On the basis of the Vienna Convention, the Montreal Protocol on Substances that Deplete the Ozone Layer was negotiated and signed by 24 countries and by the European Economic Community in September 1987.
After a series of rigorous meetings and negotiations, the Montreal Protocol on Substances that Deplete the Ozone Layer was finally agreed upon on 16 september 1987 at the Headquarters of the International Civil Aviation Organization in Montreal.
The Montreal Protocol on Substances that Deplete the Ozone Layer is one of the first international environmental agreements that includes trade sanctions to achieve the stated goals of a treaty.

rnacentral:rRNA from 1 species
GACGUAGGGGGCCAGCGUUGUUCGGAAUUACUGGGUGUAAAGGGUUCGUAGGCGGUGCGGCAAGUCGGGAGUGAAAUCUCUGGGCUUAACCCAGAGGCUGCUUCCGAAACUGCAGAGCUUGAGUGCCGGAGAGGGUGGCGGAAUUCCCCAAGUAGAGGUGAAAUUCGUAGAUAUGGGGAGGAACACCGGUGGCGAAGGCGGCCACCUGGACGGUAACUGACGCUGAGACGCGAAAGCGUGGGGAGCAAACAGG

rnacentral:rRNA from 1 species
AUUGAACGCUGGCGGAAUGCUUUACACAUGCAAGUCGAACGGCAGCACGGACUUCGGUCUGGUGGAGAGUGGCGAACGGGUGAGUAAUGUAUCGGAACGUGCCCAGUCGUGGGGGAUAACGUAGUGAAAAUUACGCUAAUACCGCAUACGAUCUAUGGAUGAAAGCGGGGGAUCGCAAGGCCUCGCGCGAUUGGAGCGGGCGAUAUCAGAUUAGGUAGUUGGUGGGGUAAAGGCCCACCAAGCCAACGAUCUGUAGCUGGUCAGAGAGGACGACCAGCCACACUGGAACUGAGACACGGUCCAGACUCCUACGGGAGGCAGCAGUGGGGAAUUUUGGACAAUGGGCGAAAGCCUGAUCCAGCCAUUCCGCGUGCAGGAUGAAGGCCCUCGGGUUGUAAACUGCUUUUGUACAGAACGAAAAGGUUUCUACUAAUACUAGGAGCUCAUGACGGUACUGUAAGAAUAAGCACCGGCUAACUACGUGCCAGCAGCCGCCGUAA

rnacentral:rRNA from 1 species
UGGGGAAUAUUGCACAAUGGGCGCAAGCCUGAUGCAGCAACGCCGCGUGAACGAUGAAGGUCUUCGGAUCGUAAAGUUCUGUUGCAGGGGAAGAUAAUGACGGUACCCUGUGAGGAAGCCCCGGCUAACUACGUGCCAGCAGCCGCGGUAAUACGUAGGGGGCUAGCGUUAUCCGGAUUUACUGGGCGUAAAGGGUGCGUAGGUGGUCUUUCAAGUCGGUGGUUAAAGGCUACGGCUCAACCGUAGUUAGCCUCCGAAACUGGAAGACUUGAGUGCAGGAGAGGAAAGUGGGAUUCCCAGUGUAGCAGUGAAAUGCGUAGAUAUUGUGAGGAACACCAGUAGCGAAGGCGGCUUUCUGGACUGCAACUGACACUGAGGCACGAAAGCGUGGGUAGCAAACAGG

Montreal Protocol - Wikipedia, the free encyclopedia (1408 words)
The Montreal Protocol should not be confused with the Montreal Convention governing compensation for air disasters.
The provisions of the Protocol include the requirement that the Parties to the Protocol base their future decisions on the current scientific, environmental, technical, and economic information that is assessed through panels drawn from the worldwide expert communities.
Since the Montreal Protocol came into effect, the atmospheric concentrations of the most important chlorofluorocarbons and related chlorinated hydrocarbons have either leveled off or decreased [2].